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Ciência & Saúde Coletiva

Print version ISSN 1413-8123

Ciênc. saúde coletiva vol.17 n.11 Rio de Janeiro Nov. 2012

http://dx.doi.org/10.1590/S1413-81232012001100001 

EDITORIAL EDITORIAL

 

Access to health services: a right and a utopia

 

 

This thematic issue is an in-depth study on the theme of the 14th National Health Conference that was held between November 30 and December 4, 2011, with a focus on access to the Brazilian Unified Health System (SUS). During the event, which is a follow-up to the National Conferences that occur every four years, and in which issues that concern the health and quality of life of the population are open to national debate, the following questions were examined in greater depth: (1) access and care with quality: a challenge for the SUS, (2) health policy in line with principles of comprehensiveness, universality and equality, (3) community participation and social control; and (4) SUS management and funding; "Pact for Health"; public versus private relations; labor management and health education.

This Journal is the result of a partnership between the Department of Strategic Management of the Ministry of Health and the Brazilian Association of Public Health that has always based its policy on fostering the enhancement of the SUS. The publication of this special edition seeks to provide input for the discussion about accessibility, bringing research results and reflections of prominent researchers from across the country and with divergent viewpoints to the debate. The expectation is that such studies and the proposals ensuing from it will contribute to improve the quality of operational policies, management and practice.

The issue of accessibility is not straightforward. The most varied research highlights several important steps taken in this direction, but also shows that accessibility is an ideal and a utopia, since numerous problems and obstacles still stand in the way of the reality of the SUS promised by the 1988 Constitution and that Brazilian society wishes for and deserves.

In the debate article, the authors stress that accessibility to the health services is related to living conditions, nutrition, housing, purchasing power and education. It transcends the geographic dimension and encompasses the economic aspect relating to the expense of the user with health, the cultural aspect involving norms, techniques adequate to the habits of the population and the functional aspect which accounts for matching the supply of the services and the quality thereof to the people who use the system. Therefore, the concept of accessibility has a multidimensional sense of a social and political nature that is present in the execution of the policy, the management, the rendering of services and the relationship between professionals and users.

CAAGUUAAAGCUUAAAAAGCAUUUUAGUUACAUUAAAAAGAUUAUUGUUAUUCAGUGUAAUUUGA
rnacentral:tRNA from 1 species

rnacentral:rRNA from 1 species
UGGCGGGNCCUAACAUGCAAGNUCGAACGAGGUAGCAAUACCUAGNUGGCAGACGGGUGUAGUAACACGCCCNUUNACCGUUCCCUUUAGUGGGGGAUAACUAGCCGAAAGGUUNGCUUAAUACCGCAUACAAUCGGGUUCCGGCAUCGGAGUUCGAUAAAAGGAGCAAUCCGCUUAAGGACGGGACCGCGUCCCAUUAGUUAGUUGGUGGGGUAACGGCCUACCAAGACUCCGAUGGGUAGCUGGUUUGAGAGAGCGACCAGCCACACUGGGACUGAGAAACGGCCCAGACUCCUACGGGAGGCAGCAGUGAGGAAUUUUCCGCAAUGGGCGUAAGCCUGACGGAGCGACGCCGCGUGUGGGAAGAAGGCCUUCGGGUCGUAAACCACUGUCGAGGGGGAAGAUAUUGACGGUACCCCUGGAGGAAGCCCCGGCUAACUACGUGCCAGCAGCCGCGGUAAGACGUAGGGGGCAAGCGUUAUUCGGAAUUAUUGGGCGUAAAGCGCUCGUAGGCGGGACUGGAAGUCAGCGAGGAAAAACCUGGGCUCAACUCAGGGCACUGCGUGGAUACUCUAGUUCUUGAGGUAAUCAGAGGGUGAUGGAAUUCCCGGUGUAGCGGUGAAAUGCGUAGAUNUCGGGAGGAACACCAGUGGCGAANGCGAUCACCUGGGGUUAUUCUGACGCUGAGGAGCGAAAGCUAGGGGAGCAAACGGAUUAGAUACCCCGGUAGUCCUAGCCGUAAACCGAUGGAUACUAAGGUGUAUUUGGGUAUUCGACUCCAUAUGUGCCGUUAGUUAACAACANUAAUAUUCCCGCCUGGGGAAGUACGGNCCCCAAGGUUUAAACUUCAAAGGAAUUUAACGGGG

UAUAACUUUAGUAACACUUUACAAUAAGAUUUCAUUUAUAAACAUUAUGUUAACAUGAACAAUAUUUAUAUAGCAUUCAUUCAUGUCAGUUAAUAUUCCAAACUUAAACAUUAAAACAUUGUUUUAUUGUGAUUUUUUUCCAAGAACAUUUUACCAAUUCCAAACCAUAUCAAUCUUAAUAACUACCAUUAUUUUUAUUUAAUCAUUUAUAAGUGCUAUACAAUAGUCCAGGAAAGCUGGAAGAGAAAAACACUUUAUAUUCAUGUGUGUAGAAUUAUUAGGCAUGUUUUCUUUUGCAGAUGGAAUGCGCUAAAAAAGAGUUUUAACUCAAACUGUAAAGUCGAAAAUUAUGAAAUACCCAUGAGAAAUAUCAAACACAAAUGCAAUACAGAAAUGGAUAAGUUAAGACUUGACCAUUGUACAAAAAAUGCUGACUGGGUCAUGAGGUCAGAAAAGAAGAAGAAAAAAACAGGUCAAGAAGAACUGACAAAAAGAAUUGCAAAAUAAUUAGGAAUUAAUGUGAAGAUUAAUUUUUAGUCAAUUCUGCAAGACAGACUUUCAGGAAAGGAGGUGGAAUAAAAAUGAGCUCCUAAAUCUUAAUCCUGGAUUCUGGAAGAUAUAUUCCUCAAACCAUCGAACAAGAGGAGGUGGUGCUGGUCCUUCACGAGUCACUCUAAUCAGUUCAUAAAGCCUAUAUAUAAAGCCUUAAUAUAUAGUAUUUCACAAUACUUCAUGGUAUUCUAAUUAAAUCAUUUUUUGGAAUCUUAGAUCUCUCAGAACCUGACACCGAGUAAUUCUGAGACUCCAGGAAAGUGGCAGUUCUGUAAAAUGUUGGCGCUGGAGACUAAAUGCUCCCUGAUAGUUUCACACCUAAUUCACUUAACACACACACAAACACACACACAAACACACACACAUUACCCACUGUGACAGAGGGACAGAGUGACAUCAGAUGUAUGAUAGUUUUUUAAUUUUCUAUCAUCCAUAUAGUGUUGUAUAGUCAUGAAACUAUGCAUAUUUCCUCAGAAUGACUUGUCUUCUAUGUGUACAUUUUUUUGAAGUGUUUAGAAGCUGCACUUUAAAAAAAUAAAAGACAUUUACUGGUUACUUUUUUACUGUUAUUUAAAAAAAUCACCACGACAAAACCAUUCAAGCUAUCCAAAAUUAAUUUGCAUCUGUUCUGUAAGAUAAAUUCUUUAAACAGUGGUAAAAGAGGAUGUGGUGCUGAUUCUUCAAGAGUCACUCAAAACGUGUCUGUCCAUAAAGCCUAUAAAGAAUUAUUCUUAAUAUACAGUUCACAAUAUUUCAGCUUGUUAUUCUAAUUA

All of the articles in this thematic issue touch upon some aspect of this set of issues that are based upon the principle of equality, universal entitlement and operational processes of popular regionalization, hierarchization and participation. They could be classified into major categories: (1) questioning and theorizing the concept of accessibility; (2) historical, political and economic constraints of the processes of regionalization and operation of the SUS; (3) conditions of social inequality and access to health services; (4) the rationale and know-how in the organization of networks geared to accessibility to primary healthcare services and to care for patients with specific complications; (5) training of health workers and professionals striving for accessibility; (6) empowerment practices of SUS users for the social control of services; and (7) evaluation of specific programs, from the standpoint of accessibility.

The set of texts provides a critical overview of the obstacles to be overcome, but it also underscores the importance of what has already been achieved and what still needs to be done.

 

Luiz Odorico Monteiro de Andrade
Secretary of Strategic Management of the Ministry of Health, guest editor

Maria Cecília de Souza Minayo
Editor-in-chief